The Alternative LEP and Micro-enterprise

Our alternative LEP will have a board stuffed full of owner managers of micro enterprises.

Don’t get me wrong we will have ‘token’ small and medium sized board members too – but will draw the line at Big Business. They have enough lobbying clout and influence to fight their own battles.

So what type of policies would our board look at developing?

  1. Programmes to promote local supply chains and sourcing from micro-enteprise wherever practical
  2. Conduct a major overhaul of commissioning and procurement processes in the public sector (local authorities and NHS as primary targets) and where possible big businesses to ensure that they are as micro-enterprise friendsly as possible
  3. Divert training and learning budgets away from FE colleges and pay owner managers to take on apprenctices and teach them current, commercial practices.  Move the locus for learning from the class room into the workplace.
  4. Develop ways to enable micro-enterprises to co-operate and collaborate so they they can punch above their weight. Promote collaborative consumption and production.
  5. Promote local economy arguments and the importance of keeping cash in local peoples hands rather than handing it over to multi-nationals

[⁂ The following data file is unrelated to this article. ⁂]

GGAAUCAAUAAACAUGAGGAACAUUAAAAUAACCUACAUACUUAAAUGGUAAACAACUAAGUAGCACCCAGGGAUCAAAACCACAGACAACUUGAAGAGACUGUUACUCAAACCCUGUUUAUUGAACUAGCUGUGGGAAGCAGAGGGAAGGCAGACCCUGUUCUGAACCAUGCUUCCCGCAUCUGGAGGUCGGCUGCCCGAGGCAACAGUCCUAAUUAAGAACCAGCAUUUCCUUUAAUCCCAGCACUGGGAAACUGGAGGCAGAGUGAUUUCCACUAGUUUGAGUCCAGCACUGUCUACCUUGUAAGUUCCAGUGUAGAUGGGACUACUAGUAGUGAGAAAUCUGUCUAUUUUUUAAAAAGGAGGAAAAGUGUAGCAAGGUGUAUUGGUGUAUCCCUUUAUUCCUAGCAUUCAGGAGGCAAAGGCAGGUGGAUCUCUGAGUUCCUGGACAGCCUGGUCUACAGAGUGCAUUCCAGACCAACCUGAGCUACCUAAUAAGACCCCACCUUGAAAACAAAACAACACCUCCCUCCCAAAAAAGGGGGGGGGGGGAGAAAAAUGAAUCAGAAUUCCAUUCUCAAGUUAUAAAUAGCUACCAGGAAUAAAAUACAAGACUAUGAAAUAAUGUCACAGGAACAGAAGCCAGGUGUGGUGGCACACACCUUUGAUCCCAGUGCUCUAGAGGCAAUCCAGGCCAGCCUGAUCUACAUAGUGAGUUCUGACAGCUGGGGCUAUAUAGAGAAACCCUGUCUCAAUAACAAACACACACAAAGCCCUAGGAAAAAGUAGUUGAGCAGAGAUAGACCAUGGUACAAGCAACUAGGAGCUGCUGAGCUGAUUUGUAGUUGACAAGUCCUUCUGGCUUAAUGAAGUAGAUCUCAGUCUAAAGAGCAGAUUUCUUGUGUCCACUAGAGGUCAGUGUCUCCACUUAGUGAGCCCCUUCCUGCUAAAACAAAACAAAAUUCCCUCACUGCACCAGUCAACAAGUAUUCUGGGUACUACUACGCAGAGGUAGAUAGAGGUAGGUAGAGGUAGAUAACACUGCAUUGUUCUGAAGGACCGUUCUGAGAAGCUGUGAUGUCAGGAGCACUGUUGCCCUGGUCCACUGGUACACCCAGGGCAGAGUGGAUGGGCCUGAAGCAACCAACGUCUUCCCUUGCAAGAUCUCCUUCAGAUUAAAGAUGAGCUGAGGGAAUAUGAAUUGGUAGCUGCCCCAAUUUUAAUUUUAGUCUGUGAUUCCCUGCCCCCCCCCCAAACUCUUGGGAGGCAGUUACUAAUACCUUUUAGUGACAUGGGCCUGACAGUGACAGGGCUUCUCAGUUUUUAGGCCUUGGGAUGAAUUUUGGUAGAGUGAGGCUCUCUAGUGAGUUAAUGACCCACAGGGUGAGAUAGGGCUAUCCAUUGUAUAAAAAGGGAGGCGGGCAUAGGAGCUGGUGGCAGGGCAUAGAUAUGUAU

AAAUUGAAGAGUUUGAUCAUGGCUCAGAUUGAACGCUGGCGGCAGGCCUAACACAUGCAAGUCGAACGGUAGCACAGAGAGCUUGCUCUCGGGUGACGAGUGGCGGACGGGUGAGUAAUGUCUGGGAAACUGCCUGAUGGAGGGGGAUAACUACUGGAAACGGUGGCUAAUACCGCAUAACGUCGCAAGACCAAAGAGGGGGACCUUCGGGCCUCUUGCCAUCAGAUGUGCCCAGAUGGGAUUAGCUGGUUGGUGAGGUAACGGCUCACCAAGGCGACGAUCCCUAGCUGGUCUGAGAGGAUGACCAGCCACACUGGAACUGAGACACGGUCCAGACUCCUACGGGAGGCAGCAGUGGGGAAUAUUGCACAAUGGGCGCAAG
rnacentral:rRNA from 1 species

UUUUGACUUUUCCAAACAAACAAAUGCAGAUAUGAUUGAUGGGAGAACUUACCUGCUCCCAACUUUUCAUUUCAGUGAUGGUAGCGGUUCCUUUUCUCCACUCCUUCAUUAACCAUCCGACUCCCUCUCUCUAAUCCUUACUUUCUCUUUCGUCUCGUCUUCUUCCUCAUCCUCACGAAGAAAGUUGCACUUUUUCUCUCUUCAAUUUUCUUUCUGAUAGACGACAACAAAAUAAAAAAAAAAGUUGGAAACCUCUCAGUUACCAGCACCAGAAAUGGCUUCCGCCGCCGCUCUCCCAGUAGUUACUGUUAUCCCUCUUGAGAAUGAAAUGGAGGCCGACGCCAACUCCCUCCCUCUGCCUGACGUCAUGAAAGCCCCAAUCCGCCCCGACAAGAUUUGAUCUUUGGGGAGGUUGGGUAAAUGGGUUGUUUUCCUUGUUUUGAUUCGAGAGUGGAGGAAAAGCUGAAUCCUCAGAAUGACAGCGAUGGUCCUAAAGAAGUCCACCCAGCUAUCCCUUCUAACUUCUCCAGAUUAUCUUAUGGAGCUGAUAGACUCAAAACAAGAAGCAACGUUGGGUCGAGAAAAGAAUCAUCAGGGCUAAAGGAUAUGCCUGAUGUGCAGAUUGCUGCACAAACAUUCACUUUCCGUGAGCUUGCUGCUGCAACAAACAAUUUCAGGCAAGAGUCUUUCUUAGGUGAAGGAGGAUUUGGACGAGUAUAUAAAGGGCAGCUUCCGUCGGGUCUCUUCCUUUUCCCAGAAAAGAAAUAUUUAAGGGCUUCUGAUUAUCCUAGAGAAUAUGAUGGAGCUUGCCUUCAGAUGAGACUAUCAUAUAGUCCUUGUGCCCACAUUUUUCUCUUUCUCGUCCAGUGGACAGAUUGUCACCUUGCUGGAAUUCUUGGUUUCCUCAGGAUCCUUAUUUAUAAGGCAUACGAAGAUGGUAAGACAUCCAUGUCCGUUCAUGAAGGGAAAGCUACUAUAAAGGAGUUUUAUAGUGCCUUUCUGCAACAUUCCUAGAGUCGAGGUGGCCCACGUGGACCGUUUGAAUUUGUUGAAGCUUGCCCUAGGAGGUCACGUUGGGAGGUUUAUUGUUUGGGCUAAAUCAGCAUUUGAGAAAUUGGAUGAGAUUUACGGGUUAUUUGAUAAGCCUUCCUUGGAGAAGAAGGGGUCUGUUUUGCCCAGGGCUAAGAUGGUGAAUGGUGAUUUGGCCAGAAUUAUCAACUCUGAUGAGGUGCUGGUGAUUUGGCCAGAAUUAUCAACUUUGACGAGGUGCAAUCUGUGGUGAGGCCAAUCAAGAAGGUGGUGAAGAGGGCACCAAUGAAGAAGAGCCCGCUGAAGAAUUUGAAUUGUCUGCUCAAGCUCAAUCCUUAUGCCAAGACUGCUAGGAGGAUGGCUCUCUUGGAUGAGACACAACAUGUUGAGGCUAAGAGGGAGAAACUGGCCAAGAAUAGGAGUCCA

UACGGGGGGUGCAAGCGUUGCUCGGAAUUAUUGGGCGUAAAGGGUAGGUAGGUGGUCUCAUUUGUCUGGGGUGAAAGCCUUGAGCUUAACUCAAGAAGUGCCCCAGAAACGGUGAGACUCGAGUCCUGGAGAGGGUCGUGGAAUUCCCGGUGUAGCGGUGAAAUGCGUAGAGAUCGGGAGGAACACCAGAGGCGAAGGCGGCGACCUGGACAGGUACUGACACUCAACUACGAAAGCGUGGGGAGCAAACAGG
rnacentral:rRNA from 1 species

What other policy areas would an alt-LEP that understood micro enterprise seek to develop?

Comments

  1. Mike – assume you saw our research on how LEP proposals supported local resilience – http://localisewestmidlands.org.uk/leps-principles/lwm-evaluation-leps-localisation/ – hopefully extending this work soon.

    Also y’day discussed how in business led neighbourhood planning, business’s votes should be proportional to local multiplier….

    Karen

    • Hmm. Not seen the research but will have a look. I must admit that much of the LEP thinking that I have seen revolves around good old inward investment – which essentially puts the future of the community in the hands of employers who choose, or are incentivised, to ‘come to town’. This dependency on employers who are happy to move their businesses to the most economically viable area puts tremendous strain on the local authority as they prioritise retaining businesses and creates havoc on communities when they leave. My vision of a resilient community would have a much higher proportion of micro and small enterprises trading locally and independently wherever practical and much more engaged with the local community in the long term.

      Of course there are plenty of examples of cities that have successfully built good win/win relationships with large employers who become critical to the future of the city (look at Detroit – oh, hang on). But in many cases it ends in tears….

  2. I have to say that i subscribe to all that you propose. The danger is expecting those in control of the budgets to risk all on this throw of the dice. Which is why I am so supportive of cooperatives – they’re the new middle ground both economically and politically.

    I’m particularly fond of your education suggestion, simply because FE and HE are just simply another business model that can help but put its own interests in front of those they’re meant to serve.

    All of this is quite radical, which is precisely what’s needed. I’m all for it Mike!

    Cheers @mikeriddell62

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